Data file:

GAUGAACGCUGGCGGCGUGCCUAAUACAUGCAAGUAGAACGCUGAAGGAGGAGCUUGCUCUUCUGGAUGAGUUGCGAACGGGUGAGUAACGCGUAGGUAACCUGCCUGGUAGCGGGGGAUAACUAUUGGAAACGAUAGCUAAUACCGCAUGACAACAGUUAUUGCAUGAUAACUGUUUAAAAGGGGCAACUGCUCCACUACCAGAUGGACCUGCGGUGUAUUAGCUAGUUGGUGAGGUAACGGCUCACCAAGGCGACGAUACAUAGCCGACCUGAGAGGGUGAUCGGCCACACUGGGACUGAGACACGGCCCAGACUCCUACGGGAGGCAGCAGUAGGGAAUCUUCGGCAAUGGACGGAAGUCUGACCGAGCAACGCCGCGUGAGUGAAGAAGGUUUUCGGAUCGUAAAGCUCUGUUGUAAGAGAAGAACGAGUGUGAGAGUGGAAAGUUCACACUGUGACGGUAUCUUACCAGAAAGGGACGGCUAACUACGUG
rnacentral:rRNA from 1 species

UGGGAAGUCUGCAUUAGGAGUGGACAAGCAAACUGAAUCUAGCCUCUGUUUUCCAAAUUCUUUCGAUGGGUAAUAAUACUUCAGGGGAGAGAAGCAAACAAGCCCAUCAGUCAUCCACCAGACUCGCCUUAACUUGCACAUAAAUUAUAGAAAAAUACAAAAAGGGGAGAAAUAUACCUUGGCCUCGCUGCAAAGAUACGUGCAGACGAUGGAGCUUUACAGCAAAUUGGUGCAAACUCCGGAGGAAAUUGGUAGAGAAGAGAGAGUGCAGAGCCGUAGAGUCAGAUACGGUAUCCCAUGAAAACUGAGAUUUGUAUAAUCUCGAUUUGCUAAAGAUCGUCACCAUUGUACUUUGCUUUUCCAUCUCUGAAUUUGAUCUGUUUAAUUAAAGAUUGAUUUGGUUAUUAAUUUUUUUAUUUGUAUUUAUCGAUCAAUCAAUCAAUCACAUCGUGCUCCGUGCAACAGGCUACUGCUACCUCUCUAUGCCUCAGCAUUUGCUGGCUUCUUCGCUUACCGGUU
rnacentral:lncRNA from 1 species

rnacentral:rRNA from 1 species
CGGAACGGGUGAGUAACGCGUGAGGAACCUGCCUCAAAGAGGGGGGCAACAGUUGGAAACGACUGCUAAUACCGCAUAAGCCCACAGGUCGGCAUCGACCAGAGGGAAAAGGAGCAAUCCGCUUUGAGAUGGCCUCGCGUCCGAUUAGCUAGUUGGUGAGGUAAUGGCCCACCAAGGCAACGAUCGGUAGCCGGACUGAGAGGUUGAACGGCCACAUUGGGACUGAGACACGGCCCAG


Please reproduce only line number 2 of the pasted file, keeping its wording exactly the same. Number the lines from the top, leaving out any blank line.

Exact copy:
rnacentral:rRNA from 1 species